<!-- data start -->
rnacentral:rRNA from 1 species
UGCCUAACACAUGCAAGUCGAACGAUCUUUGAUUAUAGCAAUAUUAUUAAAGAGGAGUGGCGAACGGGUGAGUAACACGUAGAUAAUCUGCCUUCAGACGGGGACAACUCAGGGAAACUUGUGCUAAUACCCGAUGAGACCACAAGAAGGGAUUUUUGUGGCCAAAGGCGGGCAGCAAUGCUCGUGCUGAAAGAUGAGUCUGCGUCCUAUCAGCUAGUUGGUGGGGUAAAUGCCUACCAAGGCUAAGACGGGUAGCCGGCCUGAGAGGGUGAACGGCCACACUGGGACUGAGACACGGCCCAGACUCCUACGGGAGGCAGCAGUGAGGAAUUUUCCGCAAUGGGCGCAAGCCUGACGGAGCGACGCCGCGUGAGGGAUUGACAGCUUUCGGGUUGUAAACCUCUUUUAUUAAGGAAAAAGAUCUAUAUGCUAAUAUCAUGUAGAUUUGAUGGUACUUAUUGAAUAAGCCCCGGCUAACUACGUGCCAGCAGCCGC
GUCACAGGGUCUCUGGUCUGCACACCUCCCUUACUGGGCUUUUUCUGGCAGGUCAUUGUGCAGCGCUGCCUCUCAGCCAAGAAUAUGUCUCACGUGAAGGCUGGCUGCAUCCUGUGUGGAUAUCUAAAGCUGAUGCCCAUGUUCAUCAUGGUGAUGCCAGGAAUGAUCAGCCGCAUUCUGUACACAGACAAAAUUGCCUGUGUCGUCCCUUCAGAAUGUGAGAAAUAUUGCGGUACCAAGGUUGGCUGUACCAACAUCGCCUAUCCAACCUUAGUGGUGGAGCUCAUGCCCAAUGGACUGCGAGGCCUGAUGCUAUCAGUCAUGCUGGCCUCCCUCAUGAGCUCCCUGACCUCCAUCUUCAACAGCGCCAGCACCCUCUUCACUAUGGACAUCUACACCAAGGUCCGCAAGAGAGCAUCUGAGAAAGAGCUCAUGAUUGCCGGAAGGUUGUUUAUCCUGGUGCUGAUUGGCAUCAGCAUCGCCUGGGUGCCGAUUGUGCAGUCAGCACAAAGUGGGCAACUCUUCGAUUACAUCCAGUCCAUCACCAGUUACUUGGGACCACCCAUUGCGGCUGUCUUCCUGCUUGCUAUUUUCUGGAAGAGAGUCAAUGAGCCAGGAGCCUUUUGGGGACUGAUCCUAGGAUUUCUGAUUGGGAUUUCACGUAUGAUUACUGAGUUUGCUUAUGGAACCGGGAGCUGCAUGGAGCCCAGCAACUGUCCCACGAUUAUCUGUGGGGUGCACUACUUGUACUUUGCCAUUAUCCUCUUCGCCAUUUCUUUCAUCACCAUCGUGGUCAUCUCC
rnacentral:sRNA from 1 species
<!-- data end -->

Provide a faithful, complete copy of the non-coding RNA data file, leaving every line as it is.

rnacentral:rRNA from 1 species
UGCCUAACACAUGCAAGUCGAACGAUCUUUGAUUAUAGCAAUAUUAUUAAAGAGGAGUGGCGAACGGGUGAGUAACACGUAGAUAAUCUGCCUUCAGACGGGGACAACUCAGGGAAACUUGUGCUAAUACCCGAUGAGACCACAAGAAGGGAUUUUUGUGGCCAAAGGCGGGCAGCAAUGCUCGUGCUGAAAGAUGAGUCUGCGUCCUAUCAGCUAGUUGGUGGGGUAAAUGCCUACCAAGGCUAAGACGGGUAGCCGGCCUGAGAGGGUGAACGGCCACACUGGGACUGAGACACGGCCCAGACUCCUACGGGAGGCAGCAGUGAGGAAUUUUCCGCAAUGGGCGCAAGCCUGACGGAGCGACGCCGCGUGAGGGAUUGACAGCUUUCGGGUUGUAAACCUCUUUUAUUAAGGAAAAAGAUCUAUAUGCUAAUAUCAUGUAGAUUUGAUGGUACUUAUUGAAUAAGCCCCGGCUAACUACGUGCCAGCAGCCGC
GUCACAGGGUCUCUGGUCUGCACACCUCCCUUACUGGGCUUUUUCUGGCAGGUCAUUGUGCAGCGCUGCCUCUCAGCCAAGAAUAUGUCUCACGUGAAGGCUGGCUGCAUCCUGUGUGGAUAUCUAAAGCUGAUGCCCAUGUUCAUCAUGGUGAUGCCAGGAAUGAUCAGCCGCAUUCUGUACACAGACAAAAUUGCCUGUGUCGUCCCUUCAGAAUGUGAGAAAUAUUGCGGUACCAAGGUUGGCUGUACCAACAUCGCCUAUCCAACCUUAGUGGUGGAGCUCAUGCCCAAUGGACUGCGAGGCCUGAUGCUAUCAGUCAUGCUGGCCUCCCUCAUGAGCUCCCUGACCUCCAUCUUCAACAGCGCCAGCACCCUCUUCACUAUGGACAUCUACACCAAGGUCCGCAAGAGAGCAUCUGAGAAAGAGCUCAUGAUUGCCGGAAGGUUGUUUAUCCUGGUGCUGAUUGGCAUCAGCAUCGCCUGGGUGCCGAUUGUGCAGUCAGCACAAAGUGGGCAACUCUUCGAUUACAUCCAGUCCAUCACCAGUUACUUGGGACCACCCAUUGCGGCUGUCUUCCUGCUUGCUAUUUUCUGGAAGAGAGUCAAUGAGCCAGGAGCCUUUUGGGGACUGAUCCUAGGAUUUCUGAUUGGGAUUUCACGUAUGAUUACUGAGUUUGCUUAUGGAACCGGGAGCUGCAUGGAGCCCAGCAACUGUCCCACGAUUAUCUGUGGGGUGCACUACUUGUACUUUGCCAUUAUCCUCUUCGCCAUUUCUUUCAUCACCAUCGUGGUCAUCUCC
rnacentral:sRNA from 1 species